Indonesia yet to fully unlock tourism growth potential

Tourists visiting the Prambanan Temple compound in Yogyakarta

As one of the world’s largest countries by land and population, Indonesia holds vast potential for tourism, some economy hotel players say, but there are obstacles in the way of unlocking growth opportunities, including the lack of local market understanding of international businesses as well as human resource challenges.

Hartono Liman, CEO of said: “Compared to other destinations (in the region), there are so many untapped destinations in the country. The government has been developing infrastructure – airports, seaports and roads across the country, resulting in the growth of domestic travel.

Tourists visiting the Prambanan Temple compound in Yogyakarta

“Thanks to budget airlines, the middle to low income classes can now travel. The new infrastructure being built now allows people to vacation in nearby destinations,” Hartono said.

Speaking at a keynote panel at Travel Meet Asia organised by Messe Berlin in Jakarta, Hartono said that the growth of the vast low to middle class market would still be huge in the years to come as the national GDP climbs.

“Destinations within two- to three hours’ drive will be in demand,” he surmised, adding that the new highways built across Java and Sumatra have cut short travelling times and given travellers new options farther afield.

Amit Saberwal, founder & CEO of RedDoorz, a South-east Asian value hotel chain, said: “Indonesia is the most exciting travel market. It has among the (highest rates of e-commerce consumption) in the world. In fact, it is bigger than China: 76 per cent of the people have bought (at least) one e-commerce or done an economic transaction on the mobile phone, while China is 74 per cent.”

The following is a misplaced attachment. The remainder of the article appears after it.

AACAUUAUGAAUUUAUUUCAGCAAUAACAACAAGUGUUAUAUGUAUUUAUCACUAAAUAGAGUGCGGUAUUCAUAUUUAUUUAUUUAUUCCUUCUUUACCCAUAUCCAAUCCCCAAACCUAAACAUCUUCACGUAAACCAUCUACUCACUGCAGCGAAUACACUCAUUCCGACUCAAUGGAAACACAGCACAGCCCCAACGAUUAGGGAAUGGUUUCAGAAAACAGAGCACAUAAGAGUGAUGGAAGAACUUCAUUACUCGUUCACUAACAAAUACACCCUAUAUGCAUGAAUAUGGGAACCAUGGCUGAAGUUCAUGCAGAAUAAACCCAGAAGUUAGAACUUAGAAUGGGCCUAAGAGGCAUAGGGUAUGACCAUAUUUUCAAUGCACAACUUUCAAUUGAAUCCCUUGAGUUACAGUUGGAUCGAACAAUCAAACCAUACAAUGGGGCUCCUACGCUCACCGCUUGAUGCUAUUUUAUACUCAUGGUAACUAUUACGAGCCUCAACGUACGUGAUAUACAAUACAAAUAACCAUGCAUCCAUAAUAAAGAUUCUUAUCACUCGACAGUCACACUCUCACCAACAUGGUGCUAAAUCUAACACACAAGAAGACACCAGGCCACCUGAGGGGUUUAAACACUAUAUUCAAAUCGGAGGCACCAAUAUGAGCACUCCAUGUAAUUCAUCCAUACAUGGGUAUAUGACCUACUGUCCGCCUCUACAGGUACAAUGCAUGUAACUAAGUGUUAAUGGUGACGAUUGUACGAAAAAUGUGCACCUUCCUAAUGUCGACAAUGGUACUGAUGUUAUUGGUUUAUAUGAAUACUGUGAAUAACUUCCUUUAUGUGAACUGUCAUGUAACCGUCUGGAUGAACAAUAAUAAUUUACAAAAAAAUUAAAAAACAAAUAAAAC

Saberwal added: “The government has really been pushing the domestic market, so we plan to go wider across the country and deeper into the cities.”

Domestic travellers typically pave the road for international tourism in emerging destinations. Local travel spurs the development of infrastructure, before these areas open up to the international travel community, he explained.

However, Albina Lanina, COO of Zen Rooms, a chain of independent budget hotels in South-east Asia, said: “Human resources in an asset but at the same time it is a challenge in Indonesia. The budget segment (accommodations) is not ready for international travellers. (There are) language and skills barriers.

Zen Rooms, which assists budget accommodation providers across South-east Asia in areas like operation efficiencies and online presence, also provides English language classes for staff in Indonesia.

She also noted that with only some three per cent of the population utilising cards for online payment, cash payment option is essential in the country.

Saberwal further highlighted the need for businesses to understand the situation and characteristics of local markets. Home-grown players like Traveloka and are more successful than global players in Indonesia because of this.

He said: “Cities in Indonesia are different. Online penetrations is not the same in each city. In Jakarta it is extremely high but it may not be the same in other cities. Therefore players like Traveloka, and all are reaching out to the customers both online and offline. You see their (promotions) at the airports, on TV, everywhere.”

Meanwhile, Hartono said that based on LoyalGuest data, Indonesians book more than one room (1.2) per visit, which suggests they travel either with families or groups of friends.

“They like to spend time together. Therefore, a hotel with limited common rooms is likely to be less favoured by the market,” he said.

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